The most unethical person I have ever worked with.



  • I have so many great anecdotes about this person, I thought I would get them all down for the record. Her name was Vicki

    It was in the run up to our new ADSL internet connection that Vicki came to me with a query. She presented me with a 10 page long phone bill showing our dual ISDN line dialling out, every 5 minutes for 24 hours a day. I was to find the culprit, who upon discovery would be severely punished. The proxy server hooked up to the ISDN lines had been helpfully logging all the connections, so it was easy to trace the connections to..... her PC. She had installed bonzi-buddy and her machine was riddled with spyware. Severe punishment was not forthcoming on this occasion.

     

    One day he had been on the phone with her insurance company regarding a small crash she had in her Merc recently. The insurers told her that she had not reported the incident soon enough and the cutoff was the previous day. Vicki insisted that she had sent them an email the day before, there must have been a technical holdup. She then burst out her office, charged in my direction and asked me how to send an email now but make it appear like it had been sent yesterday.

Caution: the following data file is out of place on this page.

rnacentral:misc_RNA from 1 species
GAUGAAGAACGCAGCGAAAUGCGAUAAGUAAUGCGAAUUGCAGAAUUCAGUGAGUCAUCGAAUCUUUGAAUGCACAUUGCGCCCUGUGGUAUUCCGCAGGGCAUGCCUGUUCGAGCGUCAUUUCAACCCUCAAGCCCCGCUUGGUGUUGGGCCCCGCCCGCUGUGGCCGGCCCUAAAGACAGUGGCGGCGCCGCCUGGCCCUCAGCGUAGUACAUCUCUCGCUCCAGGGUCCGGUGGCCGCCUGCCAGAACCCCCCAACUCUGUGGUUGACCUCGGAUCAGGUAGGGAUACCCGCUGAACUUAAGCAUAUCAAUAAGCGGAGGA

I told her changing the date on her PC would not be enough, we would have to change the date on the mail server in case they checked the headers. She ordered me to change the date on the mail server, I refused, saying it would cause havoc with the companies internal email. Instead I installed a free SMTP server on an old PC, and she sent the email with confidence that it would fool the insurance people. It didnt.


    The preceding stories may make it sound like I was responsible for IT in this company, I wasn't. That honour went to a complete dimwit who had no skills for the job and whose only prior IT experience had been for a family firm. A drunken Vicki eventually confided at a Christmas party that he was only hired for his looks.

    The dimwit was from out of town, as was another employee - and they hit on the idea of sharing a flat. Vicki vetoed this idea, as the other employee was technically the dimwits supervisor. A few months later she embarked on a secret affair with a married developer.